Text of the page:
Among the most recent additions to F1’s calendar are street races in Las Vegas (2023), Miami (2022) and Jeddah (2021). Qatar also joined the calendar in 2021 with a race at a permanent track, though it was originally supposed to relocate to a street circuit in the future.

Although some permanent circuits have joined the calendar in recent years, most only featured temporarily as a stopgap during the Covid-affected seasons: Mugello, Nurburgring, Algarve and Istanbul. There are exceptions: Max Verstappen’s popularity helped Zandvoort return to the schedule, and Imola managed to secure a longer-term deal after F1’s return during the pandemic.

But in F1 the trend is clear, and looks set to continue. A new street track in Hanoi, Vietnam was ready to join the calendar in 2020 when the pandemic and then difficulties with the promoter put the kibosh on it. There have been persistent rumours the Circuit de Catalunya will lose its place on the calendar to a street track in Madrid. Most worryingly, there are also suggestions one of F1’s most celebrated road courses – Suzuka in Japan – faces competition from a planned street race in Osaka.

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Of course it’s too early to say whether F1’s newest street races will enjoy greater longevity than Formula E’s did. Street races invariably bring local opposition – this is just as true for F1 as it is for FE, as the grumblings around the Las Vegas and Miami grand prixs prove. But if they also generate sufficient local business, complaints can be overcome. F1, with its much larger audience, appears better-placed to do that.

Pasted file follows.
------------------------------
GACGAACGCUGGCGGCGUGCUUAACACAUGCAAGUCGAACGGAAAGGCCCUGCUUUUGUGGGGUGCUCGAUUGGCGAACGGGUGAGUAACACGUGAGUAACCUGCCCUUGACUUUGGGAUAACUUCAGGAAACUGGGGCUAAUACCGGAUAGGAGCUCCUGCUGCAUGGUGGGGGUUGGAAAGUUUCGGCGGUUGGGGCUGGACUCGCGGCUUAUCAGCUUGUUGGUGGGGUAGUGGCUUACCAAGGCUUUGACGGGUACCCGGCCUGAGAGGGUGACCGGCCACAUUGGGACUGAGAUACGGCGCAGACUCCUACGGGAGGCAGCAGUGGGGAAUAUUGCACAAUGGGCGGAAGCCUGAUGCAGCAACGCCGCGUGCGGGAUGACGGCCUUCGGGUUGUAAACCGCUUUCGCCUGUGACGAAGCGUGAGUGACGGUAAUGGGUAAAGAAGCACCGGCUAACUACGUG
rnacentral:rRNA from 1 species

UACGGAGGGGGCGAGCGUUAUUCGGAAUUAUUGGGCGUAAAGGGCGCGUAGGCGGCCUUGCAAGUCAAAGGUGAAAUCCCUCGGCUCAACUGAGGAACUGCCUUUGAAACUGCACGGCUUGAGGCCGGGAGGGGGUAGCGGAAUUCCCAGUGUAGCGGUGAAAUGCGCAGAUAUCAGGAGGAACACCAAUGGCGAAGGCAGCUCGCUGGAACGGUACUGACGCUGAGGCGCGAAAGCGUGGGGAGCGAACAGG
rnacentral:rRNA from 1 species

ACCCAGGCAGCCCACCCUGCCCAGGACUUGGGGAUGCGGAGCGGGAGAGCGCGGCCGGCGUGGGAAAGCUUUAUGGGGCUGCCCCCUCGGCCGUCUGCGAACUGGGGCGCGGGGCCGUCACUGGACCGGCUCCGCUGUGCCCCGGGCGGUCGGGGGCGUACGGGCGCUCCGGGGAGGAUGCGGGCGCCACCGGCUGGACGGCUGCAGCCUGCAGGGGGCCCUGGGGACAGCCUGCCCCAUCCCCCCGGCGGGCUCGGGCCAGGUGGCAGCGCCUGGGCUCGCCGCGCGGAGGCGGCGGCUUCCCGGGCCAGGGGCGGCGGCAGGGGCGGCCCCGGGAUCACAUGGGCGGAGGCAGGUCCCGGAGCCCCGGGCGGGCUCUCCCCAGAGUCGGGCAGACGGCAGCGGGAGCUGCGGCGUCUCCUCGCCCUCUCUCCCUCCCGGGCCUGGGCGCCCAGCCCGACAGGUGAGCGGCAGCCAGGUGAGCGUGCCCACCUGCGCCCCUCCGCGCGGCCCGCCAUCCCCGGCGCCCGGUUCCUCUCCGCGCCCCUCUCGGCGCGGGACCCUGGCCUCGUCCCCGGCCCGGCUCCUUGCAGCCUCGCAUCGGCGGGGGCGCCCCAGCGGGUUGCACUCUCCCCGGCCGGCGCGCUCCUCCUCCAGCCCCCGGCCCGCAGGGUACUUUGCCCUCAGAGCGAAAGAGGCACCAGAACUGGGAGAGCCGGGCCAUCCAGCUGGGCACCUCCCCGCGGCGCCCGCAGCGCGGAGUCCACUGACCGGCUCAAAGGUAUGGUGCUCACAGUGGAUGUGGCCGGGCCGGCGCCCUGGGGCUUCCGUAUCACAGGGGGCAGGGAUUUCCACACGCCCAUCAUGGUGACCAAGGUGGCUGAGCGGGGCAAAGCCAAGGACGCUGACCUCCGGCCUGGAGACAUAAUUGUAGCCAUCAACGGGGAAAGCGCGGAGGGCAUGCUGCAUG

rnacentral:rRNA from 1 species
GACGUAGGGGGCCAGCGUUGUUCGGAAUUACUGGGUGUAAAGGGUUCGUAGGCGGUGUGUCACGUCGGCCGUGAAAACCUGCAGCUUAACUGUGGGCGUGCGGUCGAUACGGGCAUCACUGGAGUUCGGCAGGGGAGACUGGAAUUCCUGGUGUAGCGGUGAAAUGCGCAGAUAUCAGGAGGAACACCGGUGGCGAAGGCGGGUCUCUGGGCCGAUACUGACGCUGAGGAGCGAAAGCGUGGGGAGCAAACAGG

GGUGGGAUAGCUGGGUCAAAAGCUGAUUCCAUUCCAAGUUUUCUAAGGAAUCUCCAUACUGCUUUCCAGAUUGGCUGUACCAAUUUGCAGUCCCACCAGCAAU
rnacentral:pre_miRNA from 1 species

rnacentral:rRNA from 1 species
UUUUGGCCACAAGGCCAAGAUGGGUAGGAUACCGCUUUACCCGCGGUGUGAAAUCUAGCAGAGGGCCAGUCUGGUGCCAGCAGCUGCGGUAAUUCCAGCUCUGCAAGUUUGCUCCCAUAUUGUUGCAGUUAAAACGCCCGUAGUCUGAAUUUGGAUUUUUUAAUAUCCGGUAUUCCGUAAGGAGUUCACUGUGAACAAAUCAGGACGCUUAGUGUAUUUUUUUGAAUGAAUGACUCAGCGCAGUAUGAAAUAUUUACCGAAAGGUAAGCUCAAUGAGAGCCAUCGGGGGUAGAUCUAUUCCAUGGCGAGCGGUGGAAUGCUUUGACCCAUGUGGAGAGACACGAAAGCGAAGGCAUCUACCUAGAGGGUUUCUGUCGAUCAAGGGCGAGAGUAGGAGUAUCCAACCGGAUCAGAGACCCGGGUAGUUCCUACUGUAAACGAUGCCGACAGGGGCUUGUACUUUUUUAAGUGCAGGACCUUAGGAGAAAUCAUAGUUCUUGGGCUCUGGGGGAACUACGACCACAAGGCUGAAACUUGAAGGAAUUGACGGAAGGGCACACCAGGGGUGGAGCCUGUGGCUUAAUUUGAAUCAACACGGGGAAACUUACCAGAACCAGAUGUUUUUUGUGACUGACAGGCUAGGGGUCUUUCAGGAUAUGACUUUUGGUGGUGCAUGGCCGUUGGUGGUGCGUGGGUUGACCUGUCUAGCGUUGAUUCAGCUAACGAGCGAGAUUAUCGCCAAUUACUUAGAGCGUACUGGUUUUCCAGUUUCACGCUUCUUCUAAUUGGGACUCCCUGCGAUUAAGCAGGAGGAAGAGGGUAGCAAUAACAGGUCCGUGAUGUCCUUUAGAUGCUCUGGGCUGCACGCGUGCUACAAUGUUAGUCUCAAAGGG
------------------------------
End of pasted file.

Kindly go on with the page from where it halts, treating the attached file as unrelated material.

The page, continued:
Max Verstappen, Red Bull, Baku City Circuit, 2023
Verstappen is not a fan of street circuits
But is this trend potentially to the detriment of both series? FE’s smaller, slower cars seem better suited to compact street tracks. Its races in Monaco, for instance, have undoubtedly been more competitive than F1’s.

In contrast, F1 world champion Verstappen routinely complains about the unsuitability of street tracks for modern F1 cars. “I don’t want to see myself in 2028 or whatever driving only on street circuits close to the city just for the fan engagement or whatever,” he said two years ago.

“Of course I understand everyone wants to make money, but there is also a limit to that because it’s important to keep these really cool circuits on the calendar instead of just driving on street circuits, which I think F1 cars are not designed for anyway.”

This is not to say that F1 can’t produce good races on street tracks nor FE on permanent courses. But that is clearly a secondary consideration for those in charge as both trends are being driven by commercial factors. In F1’s case it is choosing to do so in the hope of attracting new fans, but for FE it seems to be more a matter of necessity.

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Keith Collantine